Home News 2021 National Book Award Winners: Full List

2021 National Book Award Winners: Full List

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Jason Mott won the National Book Award for fiction on Wednesday for his novel “Hell of a Book,” an account of an author’s book tour that is intertwined with one focused on a Black boy in the South.

The historian Tiya Miles won the nonfiction prize for “All That She Carried: The Journey of Ashley’s Sack, a Black Family Keepsake,” which traces the history of a family through a cotton sack that an enslaved woman gave to her daughter in the 19th century when they were about to be sold apart.

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The National Book Award is one of the most closely watched literary prizes in the world, previously awarded to luminaries such as William Faulkner, W.H. Auden and Ralph Ellison. It can boost book sales and transform an author’s profile.

This year’s ceremony was hosted by Phoebe Robinson, a comedian and the founder of Tiny Reparations Books, an imprint at Penguin Random House devoted to diverse voices. Her most recent book, “Please Don’t Sit on My Bed in Your Outside Clothes,” was published in September.

This was the second annual National Book Awards ceremony held remotely because of the coronavirus pandemic, with Ms. Robinson recording from the Penguin Random House headquarters in New York City and authors and presenters beaming in remotely. In years past, hundreds of attendees celebrated at a black-tie gala at Cipriani Wall Street.

“If there were ever a time that underscored the extraordinary experiences that books provide,” said Ruth Dickey, the executive director of the National Book Foundation, “it has been these past 20 months.”

The finalists for the fiction award included “Matrix,” by Lauren Groff, about an orphaned young woman who transforms a destitute nunnery; “Cloud Cuckoo Land,” by Anthony Doerr, a novel that encompasses several centuries, two continents and one interstellar ship; “Zorrie,” by Laird Hunt, a portrait of a woman’s life in rural Indiana; and “The Prophets,” by Robert Jones Jr., a love story about two enslaved men set on an antebellum plantation.

Nonfiction finalists included “A Little Devil in America,” an essay collection by Hanif Abdurraqib celebrating Black performers and artists; “Running Out,” by Lucas Bessire, about a Kansas aquifer at risk of depletion and its impact on the area’s farmers and ranchers; “Tastes Like War,” a memoir by Grace M. Cho, who cooks family recipes while exploring how war, xenophobia and colonialism are carried in the body; and “Covered With Night,” by Nicole Eustace, about the 18th-century murder case of an Indigenous hunter.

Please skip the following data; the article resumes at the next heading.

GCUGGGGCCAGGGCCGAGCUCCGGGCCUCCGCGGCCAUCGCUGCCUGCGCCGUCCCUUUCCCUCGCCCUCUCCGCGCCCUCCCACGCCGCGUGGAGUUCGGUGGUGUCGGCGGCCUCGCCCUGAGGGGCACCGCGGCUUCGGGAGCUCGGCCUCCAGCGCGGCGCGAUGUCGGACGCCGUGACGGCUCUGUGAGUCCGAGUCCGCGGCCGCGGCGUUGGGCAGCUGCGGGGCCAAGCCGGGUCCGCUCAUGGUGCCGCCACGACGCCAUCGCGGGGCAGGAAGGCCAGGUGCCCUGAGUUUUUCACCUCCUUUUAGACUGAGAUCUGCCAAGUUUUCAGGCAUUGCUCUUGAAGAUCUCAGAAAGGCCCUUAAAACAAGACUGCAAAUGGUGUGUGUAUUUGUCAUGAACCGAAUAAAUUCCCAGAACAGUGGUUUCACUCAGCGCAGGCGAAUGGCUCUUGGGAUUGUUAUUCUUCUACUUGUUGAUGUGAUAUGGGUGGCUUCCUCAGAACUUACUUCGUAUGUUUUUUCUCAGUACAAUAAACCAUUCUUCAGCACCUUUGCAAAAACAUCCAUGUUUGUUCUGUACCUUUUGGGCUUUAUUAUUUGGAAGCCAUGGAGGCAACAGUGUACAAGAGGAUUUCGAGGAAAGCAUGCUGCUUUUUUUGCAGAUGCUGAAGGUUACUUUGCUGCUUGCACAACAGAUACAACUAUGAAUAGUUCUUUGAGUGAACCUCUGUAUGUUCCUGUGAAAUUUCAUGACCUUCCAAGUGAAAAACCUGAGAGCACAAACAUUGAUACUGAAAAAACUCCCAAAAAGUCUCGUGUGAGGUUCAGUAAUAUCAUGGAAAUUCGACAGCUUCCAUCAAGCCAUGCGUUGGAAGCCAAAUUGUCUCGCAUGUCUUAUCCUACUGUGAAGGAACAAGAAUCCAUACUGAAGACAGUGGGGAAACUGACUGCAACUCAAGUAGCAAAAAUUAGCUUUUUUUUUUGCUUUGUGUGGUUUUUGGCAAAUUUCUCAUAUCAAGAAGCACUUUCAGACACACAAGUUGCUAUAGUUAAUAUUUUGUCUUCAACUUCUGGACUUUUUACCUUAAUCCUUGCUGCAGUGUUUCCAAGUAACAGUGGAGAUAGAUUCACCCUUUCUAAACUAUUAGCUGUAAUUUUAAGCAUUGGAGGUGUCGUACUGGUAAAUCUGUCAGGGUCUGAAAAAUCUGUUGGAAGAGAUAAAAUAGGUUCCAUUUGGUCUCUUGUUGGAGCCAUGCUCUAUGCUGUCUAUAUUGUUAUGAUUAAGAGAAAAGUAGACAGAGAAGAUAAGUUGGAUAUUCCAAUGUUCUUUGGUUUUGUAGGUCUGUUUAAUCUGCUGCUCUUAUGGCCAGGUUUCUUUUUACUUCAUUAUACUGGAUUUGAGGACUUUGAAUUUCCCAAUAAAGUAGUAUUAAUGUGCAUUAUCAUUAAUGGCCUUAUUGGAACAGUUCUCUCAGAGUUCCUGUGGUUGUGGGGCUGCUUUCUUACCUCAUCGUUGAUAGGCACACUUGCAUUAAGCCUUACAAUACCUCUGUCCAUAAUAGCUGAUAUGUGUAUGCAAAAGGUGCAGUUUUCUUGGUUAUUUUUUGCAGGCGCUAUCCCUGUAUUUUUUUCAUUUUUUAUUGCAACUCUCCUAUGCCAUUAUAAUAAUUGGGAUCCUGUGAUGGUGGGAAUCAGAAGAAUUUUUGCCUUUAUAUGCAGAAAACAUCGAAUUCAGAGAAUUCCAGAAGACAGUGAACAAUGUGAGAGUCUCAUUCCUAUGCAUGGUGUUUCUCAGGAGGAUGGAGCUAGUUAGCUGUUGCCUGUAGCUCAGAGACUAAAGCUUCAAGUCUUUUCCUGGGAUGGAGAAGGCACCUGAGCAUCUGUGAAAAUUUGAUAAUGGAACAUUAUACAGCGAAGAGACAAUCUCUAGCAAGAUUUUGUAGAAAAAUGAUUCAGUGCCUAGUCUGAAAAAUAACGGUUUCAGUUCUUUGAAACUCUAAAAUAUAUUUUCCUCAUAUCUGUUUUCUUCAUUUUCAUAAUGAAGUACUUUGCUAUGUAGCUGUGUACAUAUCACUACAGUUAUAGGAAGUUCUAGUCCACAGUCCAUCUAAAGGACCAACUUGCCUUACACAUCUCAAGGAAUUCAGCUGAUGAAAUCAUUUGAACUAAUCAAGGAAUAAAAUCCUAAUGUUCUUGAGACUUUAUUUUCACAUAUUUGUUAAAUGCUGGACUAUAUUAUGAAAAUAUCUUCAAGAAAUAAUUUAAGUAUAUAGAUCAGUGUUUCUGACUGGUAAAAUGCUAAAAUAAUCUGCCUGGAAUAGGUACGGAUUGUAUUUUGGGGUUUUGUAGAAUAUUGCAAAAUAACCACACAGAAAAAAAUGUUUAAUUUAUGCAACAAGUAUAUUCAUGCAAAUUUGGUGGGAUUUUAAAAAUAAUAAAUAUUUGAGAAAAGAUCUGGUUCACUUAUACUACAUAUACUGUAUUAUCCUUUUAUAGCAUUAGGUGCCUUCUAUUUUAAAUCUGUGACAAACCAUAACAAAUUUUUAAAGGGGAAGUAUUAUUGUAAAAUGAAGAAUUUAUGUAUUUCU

Martín Espada won the award for poetry for “Floaters,” a book that honors migrants who drowned in the Rio Grande. Judges said it was “vital for our times and will be vital for those in the future, trying to make sense of today.”

The award for translated literature went to “Winter in Sokcho” a debut novel by Elisa Shua Dusapin and translated from French by Aneesa Abbas Higgins that is set at a South Korean resort.

The award for young people’s literature went to “Last Night at the Telegraph Club” by Malinda Lo, which follows a queer 17-year-old in San Francisco’s Chinatown during the Red Scare as she falls in love for the first time. In her speech, she urged viewers to pay attention to their school boards and vote in local elections. “We need your support to keep our stories on our shelves. Don’t let them erase us,” she said.

The foundation presented two lifetime achievement awards.

Nancy Pearl, an author and librarian who has worked in public library systems in Detroit, Tulsa and Seattle, was the recipient of the Literarian Award, which recognizes service to the American literary community.

Karen Tei Yamashita, the author of eight books, including “Sansei and Sensibility,” “Tropic of Orange” and “Letters to Memory,” received the Medal for Distinguished Contribution to American Letters, an award that has previously gone to Toni Morrison, Walter Mosley and Maxine Hong Kingston. Ms. Yamashita teaches literature and creative writing at the University of California, Santa Cruz.

“Ideas are dangerous and transformative,” she said in her speech. “Writing, then, is creative work for which we are responsible, accountable. Writing requires our constant care and integrity.”



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